Weaving Ourselves into the Land: Charles Godfrey Leland, 'Indians,' and the Study of Native American Religions

Weaving Ourselves into the Land: Charles Godfrey Leland, 'Indians,' and the Study of Native American Religions

by Thomas C. Parkhill
     
 

ISBN-10: 0791434532

ISBN-13: 9780791434536

Pub. Date: 07/28/1997

Publisher: State University of New York Press

Examines how both negative and positive stereotypes of the "Indian" have influenced the study of Native American religions.

It is now over half a millennium since the first sustained contact between the peoples of Europe and North America, yet Native Americans and especially their religious traditions still fascinate those who are not Native. In Weaving

Overview

Examines how both negative and positive stereotypes of the "Indian" have influenced the study of Native American religions.

It is now over half a millennium since the first sustained contact between the peoples of Europe and North America, yet Native Americans and especially their religious traditions still fascinate those who are not Native. In Weaving Ourselves into the Land, Thomas Parkhill argues that this fascination draws much more on a stereotype of the “Indian” than on the lives and history of actual Native Americans. This stereotype, whether used approvingly or disparagingly, has informed the work of authors writing about Native American religions for audiences with both general and professional interests. The figure of Charles Godfrey Leland plays an important part in Parkhill’s investigation. Leland’s 1884 collection of “legends” about the Micmac, Maliseet, Passamaquoddy, and Penobscot culture hero Kluskap becomes the touchstone for reflection on the larger study of Native American religions. The author argues that most scholars of these religions, including himself, continue to be—like Leland over a hundred years ago—bewitched by the stereotype of the “Indian.”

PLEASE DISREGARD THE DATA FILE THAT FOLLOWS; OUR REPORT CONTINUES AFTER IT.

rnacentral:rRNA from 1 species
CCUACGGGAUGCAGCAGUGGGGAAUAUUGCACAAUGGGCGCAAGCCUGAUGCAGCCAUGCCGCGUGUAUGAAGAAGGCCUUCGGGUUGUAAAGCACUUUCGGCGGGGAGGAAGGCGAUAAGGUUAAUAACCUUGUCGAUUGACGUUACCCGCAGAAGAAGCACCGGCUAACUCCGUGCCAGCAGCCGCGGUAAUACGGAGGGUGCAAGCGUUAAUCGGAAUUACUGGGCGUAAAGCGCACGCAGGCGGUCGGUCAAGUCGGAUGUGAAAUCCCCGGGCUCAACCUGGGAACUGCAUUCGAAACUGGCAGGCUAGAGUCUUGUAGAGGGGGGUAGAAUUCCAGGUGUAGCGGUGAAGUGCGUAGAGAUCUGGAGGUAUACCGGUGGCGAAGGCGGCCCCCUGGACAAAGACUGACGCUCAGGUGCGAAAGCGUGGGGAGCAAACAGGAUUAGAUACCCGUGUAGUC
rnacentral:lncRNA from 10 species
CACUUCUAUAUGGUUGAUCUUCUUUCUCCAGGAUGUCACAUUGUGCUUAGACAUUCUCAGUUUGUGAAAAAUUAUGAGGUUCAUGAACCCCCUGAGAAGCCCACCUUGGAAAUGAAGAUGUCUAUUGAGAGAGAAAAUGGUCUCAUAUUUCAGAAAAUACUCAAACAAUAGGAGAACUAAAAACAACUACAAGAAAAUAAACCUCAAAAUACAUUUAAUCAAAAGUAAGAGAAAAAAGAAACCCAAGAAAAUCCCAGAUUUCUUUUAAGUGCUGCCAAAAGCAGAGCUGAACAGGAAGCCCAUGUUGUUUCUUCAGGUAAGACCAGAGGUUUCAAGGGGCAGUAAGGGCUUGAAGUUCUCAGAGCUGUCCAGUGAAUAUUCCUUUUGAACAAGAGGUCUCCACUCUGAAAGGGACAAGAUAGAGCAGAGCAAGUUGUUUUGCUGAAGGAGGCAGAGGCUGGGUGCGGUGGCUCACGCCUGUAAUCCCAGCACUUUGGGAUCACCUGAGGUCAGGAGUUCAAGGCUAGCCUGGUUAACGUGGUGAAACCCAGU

Product Details

ISBN-13:
9780791434536
Publisher:
State University of New York Press
Publication date:
07/28/1997
Series:
SUNY series in Native American Religions Series
Pages:
238
Product dimensions:
6.10(w) x 9.00(h) x 0.70(d)

Table of Contents

Preface

Acknowledgments

1. An Introduction to the Conversation: Charles G. Leland, and Naming

2. The Story of Kluskap and Malsum

3. The Making of "the Real Gospel of Manliness"

4. Raw Data and Cooked: Rendering "Indians" into Aryans

5. Of Conversations: Savagism, Primitivism, and the Use of the "Indian" Stereotype

6. Weaving Himself into the Landscape: Charles Leland's Use of the "Indian" Stereotype

7. In the Absence of the Wisdom of the Elders: The Contemporary Use of the "Indian" Stereotype

8. Reworking the "Indian" for Place: Scholars and Native Americans

Appendix

Notes

Bibliography

Index

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